# Proving a multi variable function bijective

I understand the theory of how to prove a mutli variable function bijective, however I somehow can neither prove this function injective or surjective:

$$f: \mathbb N\times \mathbb N \rightarrow \mathbb N, (a, b) \mapsto {(a+b)}^{2} + a$$

I tried to start with $$f(a, b) = f(a', b')$$ but I don't really know how to continue from there. To prove it surjective I started with: show that for every $$n$$ there is $$(a, b)$$ with $$f(a, b) = m$$ but was not successful there either. To make matters worse I don't even know yet if this function is injective, surjective, neither or both. Any help would be appreciated!

• In the context of this problem, does $\mathbb{N}$ include $0$? Also, for what values $(x,y)$ does $f(x,y) = 8$? – Brian Mar 4 at 16:44
• As Brian already pointed out, checking surjectivity is very simple.. just check for small numbers, say try finding $(a,b)$ which map to $3$ – Sebastian Schulz Mar 4 at 16:55
• @BrianS it does not include 0, checking small values is something I should have considered of course – Pascalony Mar 4 at 20:08

It is helpful to arrange the values of $$f(a,b)$$ in a table, thus:

$$\begin{matrix} \vdots & \vdots & \vdots & \vdots \\ 9 & 17 & 27 & 39 & \cdots \\ 4 & 10 & 18 & 28 & \cdots \\ 1 & 5 & 11 & 19 &\cdots \\ 0 & 2 & 6 & 12 & \cdots \end{matrix}$$

Here we visualize the set of all $$a,b \in \mathbf{Z}_{\geq 0}$$ as the upper-right quadrant.

You can see that the entries along the $$b$$-axis are the squares $$0,1,4,9$$ and that as you move down and to the right the entries go up by exactly $$1$$. This shows that the function is injective but not surjective, and that the numbers it misses are precisely those between $$a^2+a$$ and $$a^2+2a+1=(a+1)^2$$ for each non-negative $$a$$ (once you prove that these patterns always hold; details below). Incidentally, it also shows that you could, by modifying the domain slightly, obtain a bijection from a subset of $$\mathbf{Z}^2$$ to $$\mathbf{Z}_{\geq 0}$$.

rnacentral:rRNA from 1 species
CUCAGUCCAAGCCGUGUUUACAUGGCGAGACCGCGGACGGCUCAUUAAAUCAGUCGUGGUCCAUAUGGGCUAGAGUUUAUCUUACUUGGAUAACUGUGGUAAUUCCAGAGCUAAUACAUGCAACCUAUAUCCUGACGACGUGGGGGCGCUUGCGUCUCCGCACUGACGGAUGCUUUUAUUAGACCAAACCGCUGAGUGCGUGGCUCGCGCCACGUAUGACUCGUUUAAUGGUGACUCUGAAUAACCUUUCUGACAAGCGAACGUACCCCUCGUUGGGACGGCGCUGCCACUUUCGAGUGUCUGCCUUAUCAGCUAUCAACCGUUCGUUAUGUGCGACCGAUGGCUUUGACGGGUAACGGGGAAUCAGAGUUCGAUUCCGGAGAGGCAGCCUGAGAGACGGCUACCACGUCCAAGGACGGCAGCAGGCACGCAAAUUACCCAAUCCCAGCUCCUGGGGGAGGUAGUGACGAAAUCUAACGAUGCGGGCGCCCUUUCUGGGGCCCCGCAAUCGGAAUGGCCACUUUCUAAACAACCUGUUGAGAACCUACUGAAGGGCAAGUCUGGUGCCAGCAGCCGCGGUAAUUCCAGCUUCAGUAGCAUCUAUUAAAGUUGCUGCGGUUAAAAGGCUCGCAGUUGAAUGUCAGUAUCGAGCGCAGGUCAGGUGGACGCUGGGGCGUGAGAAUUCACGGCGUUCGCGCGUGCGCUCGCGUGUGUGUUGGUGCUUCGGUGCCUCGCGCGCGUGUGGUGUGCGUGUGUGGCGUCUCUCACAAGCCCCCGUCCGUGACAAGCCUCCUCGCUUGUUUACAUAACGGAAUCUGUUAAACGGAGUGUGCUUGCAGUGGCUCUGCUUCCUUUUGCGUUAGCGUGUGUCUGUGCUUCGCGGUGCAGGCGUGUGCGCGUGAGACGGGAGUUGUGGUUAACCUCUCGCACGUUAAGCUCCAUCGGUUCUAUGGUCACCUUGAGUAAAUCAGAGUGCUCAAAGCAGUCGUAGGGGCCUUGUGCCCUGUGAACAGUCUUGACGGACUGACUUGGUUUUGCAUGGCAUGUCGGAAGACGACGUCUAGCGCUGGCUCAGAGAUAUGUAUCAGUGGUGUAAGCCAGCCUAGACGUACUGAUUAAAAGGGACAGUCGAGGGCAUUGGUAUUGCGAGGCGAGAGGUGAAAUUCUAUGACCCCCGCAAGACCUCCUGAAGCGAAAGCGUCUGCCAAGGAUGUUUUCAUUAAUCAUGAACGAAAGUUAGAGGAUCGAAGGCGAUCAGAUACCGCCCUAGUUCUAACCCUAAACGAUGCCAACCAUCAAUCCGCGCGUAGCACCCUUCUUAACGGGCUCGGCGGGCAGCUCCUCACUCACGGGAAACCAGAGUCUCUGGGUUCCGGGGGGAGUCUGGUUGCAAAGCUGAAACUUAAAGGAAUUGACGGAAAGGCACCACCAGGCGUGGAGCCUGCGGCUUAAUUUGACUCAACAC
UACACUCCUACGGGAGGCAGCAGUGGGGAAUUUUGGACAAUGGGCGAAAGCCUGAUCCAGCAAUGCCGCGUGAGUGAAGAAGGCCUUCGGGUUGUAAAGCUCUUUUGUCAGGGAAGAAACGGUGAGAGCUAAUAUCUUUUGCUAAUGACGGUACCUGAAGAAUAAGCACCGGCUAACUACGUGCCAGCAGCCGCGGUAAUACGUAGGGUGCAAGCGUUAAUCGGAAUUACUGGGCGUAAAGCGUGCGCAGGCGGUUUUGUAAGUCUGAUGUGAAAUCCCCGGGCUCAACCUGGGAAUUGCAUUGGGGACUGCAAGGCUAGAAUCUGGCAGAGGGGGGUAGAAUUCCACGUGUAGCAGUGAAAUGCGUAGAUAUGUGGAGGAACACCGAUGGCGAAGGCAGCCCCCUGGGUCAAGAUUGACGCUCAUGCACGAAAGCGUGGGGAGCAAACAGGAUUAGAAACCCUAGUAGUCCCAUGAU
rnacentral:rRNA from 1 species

Details of the proof: observe that $$f(a+1,b-1)=(a+1+b-1)^2+a+1=(a+b)^2+a+1=f(a,b)+1$$ and that $$f(a,0)=a^2+a for all $$a \geq 0$$.

The map is certainly not surjective, as it has been pointed out in the comments.

Let us try to prove injectivity. I will rewrite the function $$(a+b)^2+a$$ as $$c^2+a$$ where $$c=a+b$$, and in particular note $$c\geq a$$ because $$b\in\mathbb{N}$$. Argue by contradiction, suppose there exist $$a, c, \hat{a}, \hat{c}$$ with $$c\neq \hat{c}$$ and $$a\neq \hat{a}$$ such that $$c^2+a=\hat{c}^2+\hat{a},$$ noting the case $$c=0$$ and the case $$\hat{c}=0$$ are excluded because they would imply $$a=b=\hat{a}=\hat{b}=0$$.

Without loss of generality, let $$c>\hat{c}$$. Write $$c^2=\hat{c}^2+\hat{a}-a,$$ and we try to prove the LHS is strictly larger than the RHS, deriving a contradiction. We prove it for the "best" case, $$a=0$$, which then proves it for $$a>0$$ as well. Thus we write $$c^2=\hat{c}^2+\hat{a},$$ and since $$\hat{a}\leq \hat{c}$$ the RHS is bounded above by $$\hat{c}^2+\hat{c}$$. We had $$c>\hat{c}$$; taking the best case scenario again we try $$c=\hat{c}+1$$, which yields $$c^2=\hat{c}^2+2\hat{c}+1$$, strictly larger than the upper bound on the RHS, which yields the contradiction.

• This makes sense to me but I don't understand why this is without a loss of generality. How can you just assume c > c^? – Pascalony Mar 4 at 20:10
• We can say for sure that $c\neq\hat{c}$, otherwise we get $a=\hat{a}$ too and we are not really looking at different points. One of $c$ and $\hat{c}$ must be larger than the other. If $c>\hat{c}$, we are fine. If $c<\hat{c}$, we just relabel the variables (swapping the hats), and end up with $c>\hat{c}$ again. – R_B Mar 4 at 20:22